ORANGE, Calif.—A sign at the entrance of MMD Antiques shop in Orange, California, reads, “Masks are NOT necessary. PLEASE COME IN!”
Owner Matt De Vaul intends to keep that sign up despite Governor Gavin Newsom’s statewide order requiring masks be worn in public spaces. “I want people to feel normal in my store,” De Vaul told The Epoch Times.
Dr. Nichole Quick resigned as the county’s chief health officer after her order requiring face coverings in public spaces met with a strong backlash, including personal threats.
Her interim replacement, Dr. Clayton Chau, downgraded the requirement to a strong recommendation on June 11. Newsom issued his order requiring masks statewide on June 15.
Some sheriffs throughout the state have said they will not enforce the new mask order. Orange County Sheriff Don Barnes is one of them.
“It is each person’s responsibility to wear a face covering and follow the recommended safeguards in order to stop the spread of COVID-19; it is not law enforcement’s responsibility to enforce it,” he told ABC7.
De Vaul isn’t worried about consequences. “This is another complete overreach of power,” he said. “In my opinion, it’s not a law and it’s not enforceable. Any citation would not hold up in the court of law.”
The court of public opinion is another matter.
De Vaul’s decision to open his shop before officially permitted to do so, and his stance on protective gear in his store, have met with mixed reactions. “I know I lost customers in the last three months, but I have also gained new ones,” he said.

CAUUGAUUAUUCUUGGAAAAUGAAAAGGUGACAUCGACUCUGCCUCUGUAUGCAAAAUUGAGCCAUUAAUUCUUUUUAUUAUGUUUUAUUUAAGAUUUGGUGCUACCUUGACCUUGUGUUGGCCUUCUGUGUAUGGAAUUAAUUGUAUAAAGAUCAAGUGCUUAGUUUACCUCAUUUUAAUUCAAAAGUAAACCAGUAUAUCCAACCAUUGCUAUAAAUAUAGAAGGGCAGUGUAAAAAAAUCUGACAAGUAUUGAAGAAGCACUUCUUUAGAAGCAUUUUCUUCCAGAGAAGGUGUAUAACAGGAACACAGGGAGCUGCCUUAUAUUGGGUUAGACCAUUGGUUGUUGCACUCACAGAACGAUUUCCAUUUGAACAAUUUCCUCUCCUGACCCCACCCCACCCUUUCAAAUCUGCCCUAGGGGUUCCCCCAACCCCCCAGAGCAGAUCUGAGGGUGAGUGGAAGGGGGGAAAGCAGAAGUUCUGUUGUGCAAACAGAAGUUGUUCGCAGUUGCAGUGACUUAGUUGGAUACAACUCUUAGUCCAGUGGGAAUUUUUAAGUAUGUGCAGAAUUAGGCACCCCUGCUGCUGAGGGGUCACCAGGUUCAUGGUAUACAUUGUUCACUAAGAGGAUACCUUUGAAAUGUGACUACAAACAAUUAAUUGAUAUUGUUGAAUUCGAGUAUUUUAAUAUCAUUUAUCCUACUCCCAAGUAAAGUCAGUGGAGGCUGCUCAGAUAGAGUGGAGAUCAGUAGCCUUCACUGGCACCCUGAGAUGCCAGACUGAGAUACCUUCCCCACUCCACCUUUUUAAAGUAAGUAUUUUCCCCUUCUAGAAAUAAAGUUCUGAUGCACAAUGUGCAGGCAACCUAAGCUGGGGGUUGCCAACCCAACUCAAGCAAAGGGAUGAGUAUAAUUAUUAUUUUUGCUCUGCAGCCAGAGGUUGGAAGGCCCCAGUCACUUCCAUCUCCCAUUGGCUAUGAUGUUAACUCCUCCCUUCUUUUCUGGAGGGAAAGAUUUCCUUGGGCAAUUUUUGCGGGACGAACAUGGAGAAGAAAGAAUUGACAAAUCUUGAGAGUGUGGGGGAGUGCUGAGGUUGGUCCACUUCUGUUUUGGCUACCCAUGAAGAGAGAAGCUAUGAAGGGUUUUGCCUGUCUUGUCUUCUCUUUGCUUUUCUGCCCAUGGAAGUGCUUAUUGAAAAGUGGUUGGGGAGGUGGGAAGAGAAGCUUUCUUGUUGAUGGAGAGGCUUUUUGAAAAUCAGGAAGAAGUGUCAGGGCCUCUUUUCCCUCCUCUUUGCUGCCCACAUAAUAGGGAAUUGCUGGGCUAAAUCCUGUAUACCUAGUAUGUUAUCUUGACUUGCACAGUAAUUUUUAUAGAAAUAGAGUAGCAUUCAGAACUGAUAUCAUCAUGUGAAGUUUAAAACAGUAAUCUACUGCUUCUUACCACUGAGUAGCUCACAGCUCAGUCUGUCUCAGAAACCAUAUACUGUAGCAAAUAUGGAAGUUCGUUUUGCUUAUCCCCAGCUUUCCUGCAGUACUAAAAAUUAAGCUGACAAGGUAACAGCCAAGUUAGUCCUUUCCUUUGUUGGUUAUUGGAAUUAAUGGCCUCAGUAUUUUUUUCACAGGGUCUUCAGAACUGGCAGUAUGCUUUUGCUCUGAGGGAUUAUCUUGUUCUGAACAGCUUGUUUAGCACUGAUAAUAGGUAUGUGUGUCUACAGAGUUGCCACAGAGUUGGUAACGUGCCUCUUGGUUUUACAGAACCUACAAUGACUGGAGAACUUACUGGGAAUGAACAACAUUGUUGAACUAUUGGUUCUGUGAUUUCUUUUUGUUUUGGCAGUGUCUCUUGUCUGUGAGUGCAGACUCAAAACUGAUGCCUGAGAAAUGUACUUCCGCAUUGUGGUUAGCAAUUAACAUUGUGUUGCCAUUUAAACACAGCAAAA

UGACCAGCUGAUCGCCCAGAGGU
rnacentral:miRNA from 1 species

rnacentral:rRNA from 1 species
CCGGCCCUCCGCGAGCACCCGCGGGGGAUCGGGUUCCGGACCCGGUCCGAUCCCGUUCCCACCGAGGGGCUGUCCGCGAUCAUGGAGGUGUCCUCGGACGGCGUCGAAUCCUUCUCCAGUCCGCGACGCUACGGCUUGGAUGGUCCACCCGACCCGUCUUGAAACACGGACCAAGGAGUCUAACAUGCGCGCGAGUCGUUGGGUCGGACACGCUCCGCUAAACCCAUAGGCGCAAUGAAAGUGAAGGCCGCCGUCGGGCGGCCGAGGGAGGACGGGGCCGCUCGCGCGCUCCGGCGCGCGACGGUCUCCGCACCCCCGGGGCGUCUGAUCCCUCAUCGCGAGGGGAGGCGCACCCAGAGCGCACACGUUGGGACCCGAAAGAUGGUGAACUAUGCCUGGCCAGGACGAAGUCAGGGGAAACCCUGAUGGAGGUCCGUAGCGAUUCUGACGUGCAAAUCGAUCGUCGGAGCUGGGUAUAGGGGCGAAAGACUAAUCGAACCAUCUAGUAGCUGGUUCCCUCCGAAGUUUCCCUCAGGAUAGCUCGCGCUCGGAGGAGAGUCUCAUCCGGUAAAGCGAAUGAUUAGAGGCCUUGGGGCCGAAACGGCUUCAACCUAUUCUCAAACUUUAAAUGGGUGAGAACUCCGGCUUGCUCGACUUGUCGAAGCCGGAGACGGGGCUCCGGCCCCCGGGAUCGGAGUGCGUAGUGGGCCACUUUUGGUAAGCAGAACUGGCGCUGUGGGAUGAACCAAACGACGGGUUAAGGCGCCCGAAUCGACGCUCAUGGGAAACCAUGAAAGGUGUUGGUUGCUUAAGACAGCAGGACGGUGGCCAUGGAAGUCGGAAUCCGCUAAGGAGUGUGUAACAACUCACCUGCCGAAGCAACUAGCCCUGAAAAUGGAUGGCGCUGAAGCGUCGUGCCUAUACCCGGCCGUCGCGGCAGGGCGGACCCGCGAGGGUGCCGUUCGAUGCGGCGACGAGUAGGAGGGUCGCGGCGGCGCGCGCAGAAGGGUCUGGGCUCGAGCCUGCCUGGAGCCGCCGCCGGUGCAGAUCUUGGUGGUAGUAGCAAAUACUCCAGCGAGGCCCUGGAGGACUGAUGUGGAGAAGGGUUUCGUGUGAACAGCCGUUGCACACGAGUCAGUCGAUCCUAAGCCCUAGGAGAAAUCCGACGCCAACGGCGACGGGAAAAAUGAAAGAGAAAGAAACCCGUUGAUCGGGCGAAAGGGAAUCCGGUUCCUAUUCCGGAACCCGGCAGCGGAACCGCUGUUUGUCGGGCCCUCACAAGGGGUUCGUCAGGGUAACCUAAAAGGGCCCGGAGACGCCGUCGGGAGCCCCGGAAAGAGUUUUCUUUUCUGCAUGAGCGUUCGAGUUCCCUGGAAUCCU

Newsom’s mask orders come with a few exceptions. For example, customers at restaurants who maintain a 6-foot distance from others may remove their masks.
People with medical conditions or disabilities that make mask-wearing dangerous or particularly difficult for them, along with children under the age of 2, do not have to wear masks.
Regarding enforcement, “We’re not looking to fine people,” Newsom said, according to the LA Times. “We’re looking to educate people, encourage people,” he said.
“And to the extent that people flaunt and abuse, which may be the exception, then we have many tools in the tool kit,” Newsom said. Regulatory agencies, such as the Division of Occupational Safety and Health, may be called upon to “exercise a little bit of persuasion,” he said.
The governor’s office did not reply to further inquiry from The Epoch Times about enforcement as of press deadline.
Newsom has said the mask requirement is necessary because many Californians have ignored recommendations to wear masks, and he’s worried about hospitalization numbers rising.
While De Vaul flouts the order, many are following it—and some worry the supply of masks will be further strained.
As lunch hour hits in Playa Del Rey, Los Angeles, a group of men clad in construction vests files into a cramped Subway restaurant. Maintaining distance between people is difficult there, but all are wearing masks.
Construction technician Matt Thalin, 30, like other essential workers, has encountered challenges with the high demand for masks in Southern California.
“Some of the jobs we do require masks as we deal with mold and chemicals that are worse than COVID,” Thalin told The Epoch Times.
“I’ve been using the same mask for months,” he said. The masks they need for those jobs are of a relatively high grade. “So, it’s tough when work masks are all extinct. Not being able to buy masks for some jobs is the most frustrating. Otherwise, it hasn’t affected us much.”
He said, “Most clients we’ve worked with haven’t cared if we’ve had masks or not.”